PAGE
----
The role of a defensive midfielder is becoming increasingly important to Real Madrid. Under Zinedine Zidane’s guidance, the club formerly renowned for its glitzy aura and commitment to attacking football have gained a resilient streak. This is all good news for Marcos Llorente.
A 22-year-old, who is a product of ‘La Fabrica’, the Spanish giants’ famed youth academy, Llorente is also an exciting central midfielder who has shown himself to thrive in a deeper position. His performances this season while on loan at Alavés have highlighted his quality as a midfield protector and supplier, and soon he may be strutting his stuff in the pristine all-white kit of his parent club.
This season, Real Madrid have topped La Liga for a prolonged period. They also look likely to reach the Champions League final for a second consecutive campaign having swatted city rivals Atlético aside with a 3-0 semi-final first leg win. Brazilian bulwark Casemiro has been at the heart of their successes.
Having broken out during the latter half of 2015/16, the 25-year-old has asserted himself at the base of Zidane’s midfield trio, operating behind Toni Kroos and Luka Modrić. And, while not as glamorous as his central colleagues, he has arguably proved more integral to the structure of the team as a whole.
Casemiro’s introduction to the starting lineup has facilitated a number of improvements.
Tactically, his presence in front of the central defenders has enabled left-back Marcelo to play at his adventurous, flying best, storming the flank like the frustrated winger he truly is. This, in turn, has allowed Cristiano Ronaldo to enjoy a freer role, drifting into more dangerous central areas with greater frequency.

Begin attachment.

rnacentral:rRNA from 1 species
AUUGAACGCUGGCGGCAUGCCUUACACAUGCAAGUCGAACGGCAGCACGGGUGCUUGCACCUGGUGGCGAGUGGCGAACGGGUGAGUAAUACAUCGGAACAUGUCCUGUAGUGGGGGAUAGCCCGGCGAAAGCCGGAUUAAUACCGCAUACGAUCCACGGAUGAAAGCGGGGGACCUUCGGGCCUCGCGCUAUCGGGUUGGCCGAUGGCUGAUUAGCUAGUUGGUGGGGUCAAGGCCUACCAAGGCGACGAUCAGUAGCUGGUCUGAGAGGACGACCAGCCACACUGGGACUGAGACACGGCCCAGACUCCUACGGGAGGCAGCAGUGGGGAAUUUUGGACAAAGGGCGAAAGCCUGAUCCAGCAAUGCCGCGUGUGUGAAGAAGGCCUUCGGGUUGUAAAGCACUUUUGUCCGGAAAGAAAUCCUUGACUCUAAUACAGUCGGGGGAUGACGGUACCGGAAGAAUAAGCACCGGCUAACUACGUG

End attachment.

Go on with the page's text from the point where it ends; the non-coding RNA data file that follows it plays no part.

Zidane’s deployment of Casemiro has also had the effect of offering increased support to Modrić and Kroos defensively. Now, the sophisticated double act can focus on closing off the half-spaces in the full knowledge that their canny, physical team-mate is directly behind them, diligently plugging any gaps.
However, this development has given rise to another problem: Who replaces Casemiro when he’s injured or suspended?
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This concern was raised early on this season, when the pivot suffered an injury during a 2-0 win over Espanyol. There were suggestions at that time that Llorente would, or at least should, return early from his loan spell at Alavés, but Zidane returned a typically measured response.
“Casemiro is an important player and we hope he will recover soon,” he told the club’s official website.
“We did have Marcos Llorente in preseason, and he is a player that could have replaced Casemiro. But we took the decision that it would be good of him to play 30 or 40 games this season.”
Zidane’s response was one based on an intimate understanding of his young charge’s career needs—the Frenchman was responsible for Llorente’s promotion to the Real Madrid ‘B’ team back in July 2014 and spent one-and-a-half years managing the prospect.
So a January return to the Santiago Bernabéu was never on the cards, but the 22-year-old is almost certain to rub shoulders with Galacticos next season. And, when he does, he will be continuing a family tradition.